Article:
The stems of soapwort grow to about two feet tall, are unbranched, and sometimes tinged with pink, purple, or red. The leaves are oblong and oppositely-arranged, and their bases form prominent collars around the stems. Showy clusters of flowers are found atop the stems throughout the summer. Like other flowers in the pink family (Caryophyllaceae), they are cigar-shaped at the base and opened wide at the end, showing off 5 distinct petals with notches at their tips. The petals of soapwort flowers bend backwards, with their sex parts protruding outwards. In his description of the flowers, John Eastman remarks in The Book of Field and Roadside that “the reflexed petals surrounding the sexual organs give the impression of flagrant thrust; this is a gaudy, unshy flower.”

collared stem of soapwort (Saponaria officinalis)

The fragrant flowers are pink to white in color. They open in the evening and remain open for a few short days. In an individual flower, pollen matures and is mostly shed before the stigma is ready to accept it. This helps reduce the chance of self-pollination. Cross pollination occurs with the assistance of moths who visit the flowers at night, as well as bees and other flower-visiting insects that come along during the daytime. Soapwort fruits are oval capsules containing as many as 500 kidney-shaped seeds. Seeds aren’t essential to the plants spread though, as much of its colonization occurs via vigorous rhizomes.

In fact, vegetative reproduction is the means by which soapwort forms such expansive, thick patches. It also helps that it’s poisonous. The saponins – its soap making compounds – that it produces in its roots, shoots, and leaves deter most insects and other animals from eating it. It has a reputation for poisoning horses, cows, and other livestock, and so is unwelcome in pastures and rangelands. Saponins are also poisonous to fish, so growing soapwort near fish ponds is not advised.

soapwort (Saponaria officinalis)

Soapwort occurs in a variety of soils including sandy, dry, and rocky sites and is surprisingly drough-tolerant, fine qualities to have when colonizing neglected sites. While most other organisms ignore soapwort, it has a friend in humans. Eastman sums this up well: “Soapwort’s most important associate – as is true of most plants we label weeds – is undoubtedly humankind, without whose helpful interventions the plant would surely be much rarer than it is.”

I made a soapy liquid out of soapwort by following a recipe that can be found on various blogs and websites by searching “saponaria soap recipe.” Basically it’s a cup of fresh leaves and stems along with a cup of dried leaves and stems added to a quart of distilled water brought to a boil. After simmering for 15 minutes and then allowing it to cool, strain the mixture through cheese cloth, and it’s ready to go.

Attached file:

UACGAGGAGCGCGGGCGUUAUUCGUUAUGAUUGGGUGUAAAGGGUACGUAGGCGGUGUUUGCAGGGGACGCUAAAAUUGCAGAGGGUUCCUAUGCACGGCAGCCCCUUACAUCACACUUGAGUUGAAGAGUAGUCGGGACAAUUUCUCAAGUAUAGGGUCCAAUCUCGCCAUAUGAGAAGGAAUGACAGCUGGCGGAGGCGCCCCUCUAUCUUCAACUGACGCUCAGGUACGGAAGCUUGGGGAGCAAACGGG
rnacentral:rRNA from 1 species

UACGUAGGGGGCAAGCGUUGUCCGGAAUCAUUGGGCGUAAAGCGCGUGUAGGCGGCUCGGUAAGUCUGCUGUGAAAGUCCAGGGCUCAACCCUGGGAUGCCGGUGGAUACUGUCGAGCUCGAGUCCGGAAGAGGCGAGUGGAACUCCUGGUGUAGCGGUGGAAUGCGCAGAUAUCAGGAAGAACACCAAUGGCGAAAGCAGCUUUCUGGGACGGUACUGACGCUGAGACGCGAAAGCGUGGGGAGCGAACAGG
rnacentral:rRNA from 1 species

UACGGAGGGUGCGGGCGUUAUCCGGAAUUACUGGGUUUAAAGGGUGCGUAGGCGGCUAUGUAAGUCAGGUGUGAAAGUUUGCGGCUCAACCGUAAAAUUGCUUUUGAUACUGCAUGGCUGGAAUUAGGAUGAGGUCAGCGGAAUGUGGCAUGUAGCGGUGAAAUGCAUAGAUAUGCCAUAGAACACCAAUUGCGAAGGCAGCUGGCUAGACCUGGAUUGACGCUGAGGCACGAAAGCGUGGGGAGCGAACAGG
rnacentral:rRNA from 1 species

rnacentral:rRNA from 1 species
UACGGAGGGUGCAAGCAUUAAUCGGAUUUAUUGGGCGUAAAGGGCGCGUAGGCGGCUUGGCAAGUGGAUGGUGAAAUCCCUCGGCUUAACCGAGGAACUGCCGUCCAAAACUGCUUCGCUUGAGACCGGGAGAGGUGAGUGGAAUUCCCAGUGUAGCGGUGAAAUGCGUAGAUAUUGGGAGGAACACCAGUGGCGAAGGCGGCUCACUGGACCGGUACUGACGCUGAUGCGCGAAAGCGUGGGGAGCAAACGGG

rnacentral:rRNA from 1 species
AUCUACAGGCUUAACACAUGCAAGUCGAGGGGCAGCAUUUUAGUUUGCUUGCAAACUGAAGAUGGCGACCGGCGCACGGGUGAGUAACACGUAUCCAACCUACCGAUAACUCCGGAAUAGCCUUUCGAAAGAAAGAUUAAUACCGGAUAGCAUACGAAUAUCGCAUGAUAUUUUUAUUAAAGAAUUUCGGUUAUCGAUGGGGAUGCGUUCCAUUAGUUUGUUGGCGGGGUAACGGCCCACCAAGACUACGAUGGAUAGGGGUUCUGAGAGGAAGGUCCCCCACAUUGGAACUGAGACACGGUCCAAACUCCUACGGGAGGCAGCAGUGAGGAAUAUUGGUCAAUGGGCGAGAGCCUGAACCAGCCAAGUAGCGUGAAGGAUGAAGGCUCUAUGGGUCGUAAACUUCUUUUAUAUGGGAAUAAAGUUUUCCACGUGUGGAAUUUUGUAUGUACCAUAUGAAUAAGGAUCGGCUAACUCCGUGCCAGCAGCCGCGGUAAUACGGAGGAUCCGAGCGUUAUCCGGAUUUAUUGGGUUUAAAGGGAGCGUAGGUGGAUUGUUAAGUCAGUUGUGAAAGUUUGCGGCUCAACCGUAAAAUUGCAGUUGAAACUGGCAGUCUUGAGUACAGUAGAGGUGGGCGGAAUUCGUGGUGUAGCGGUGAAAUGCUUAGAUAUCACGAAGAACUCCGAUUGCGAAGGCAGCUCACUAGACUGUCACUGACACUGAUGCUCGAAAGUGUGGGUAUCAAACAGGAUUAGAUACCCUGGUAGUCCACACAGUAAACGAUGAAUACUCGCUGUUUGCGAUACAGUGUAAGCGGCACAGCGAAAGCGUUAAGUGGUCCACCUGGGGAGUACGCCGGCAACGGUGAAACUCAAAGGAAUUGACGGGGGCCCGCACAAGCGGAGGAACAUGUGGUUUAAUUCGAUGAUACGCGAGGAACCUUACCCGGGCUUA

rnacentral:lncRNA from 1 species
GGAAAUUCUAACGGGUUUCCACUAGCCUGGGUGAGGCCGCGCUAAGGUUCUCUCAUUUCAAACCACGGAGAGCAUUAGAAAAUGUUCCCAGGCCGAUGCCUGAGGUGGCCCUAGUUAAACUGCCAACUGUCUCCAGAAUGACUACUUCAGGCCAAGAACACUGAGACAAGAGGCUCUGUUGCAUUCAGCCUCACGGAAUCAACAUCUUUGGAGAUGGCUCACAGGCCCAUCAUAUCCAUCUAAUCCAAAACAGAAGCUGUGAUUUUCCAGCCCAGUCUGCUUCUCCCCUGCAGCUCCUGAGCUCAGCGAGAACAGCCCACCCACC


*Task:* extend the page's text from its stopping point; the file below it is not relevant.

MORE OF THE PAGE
This gentle but effective soap can be used for cleaning countertops and other surfaces, as well as dishes, fabrics, and skin. Several sources say it is particularly useful for cleaning delicate fabrics. Sierra and I both found it to have a cooked cabbage or spinach scent to it. This can be masked by adding a few drops of essential oil. Despite its odd aroma, both Sierra and I were impressed by its cleansing power and plan to use it more often.

dried leaves of soapwort

soapwort soap

Eating Weeds: Blue Mustard

Spring is here, and it’s time to start eating weeds again. One of the earliest edible weeds to emerge in the spring is Chorispora tenella, commonly known by many names including blue mustard, crossflower, and musk mustard. Introduced to North America from Russia and southwestern Asia, this annual mustard has become commonplace in disturbed areas, and is particularly fond of sunny, dry spots with poor soil. It can become problematic in agricultural areas, but to those who enjoy eating it, seeing it in large quantities isn’t necessarily viewed as a problem.

rosettes of blue mustard (Chorispora tenella)

The plant starts off as a rosette. Identifying it can be challenging because the shape of the leaves and leaf margins can be so variable. Leaves can either be lance-shaped with a rounded tip or more of an egg shape. Leaf margins are usually wavy and can be deeply lobed to mildly lobed or not lobed at all. Leaves are semi-succulent and usually covered sparsely in sticky hairs, a condition that botanists refer to as glandular.

A leafy flower stalk rises from the rosette and reaches between 6 and 18 inches tall. Like all plants in the mustard family, the flowers are four-petaled and cross-shaped. They are about a half inch across and pale purple to blue in color. Soon they turn into long, slender seed pods that break apart into several two-seeded sections. Splitting apart crosswise like a pill capsule rather than lengthwise is an unusual trait for a plant in the mustard family.

blue mustard (Chorispora tenella)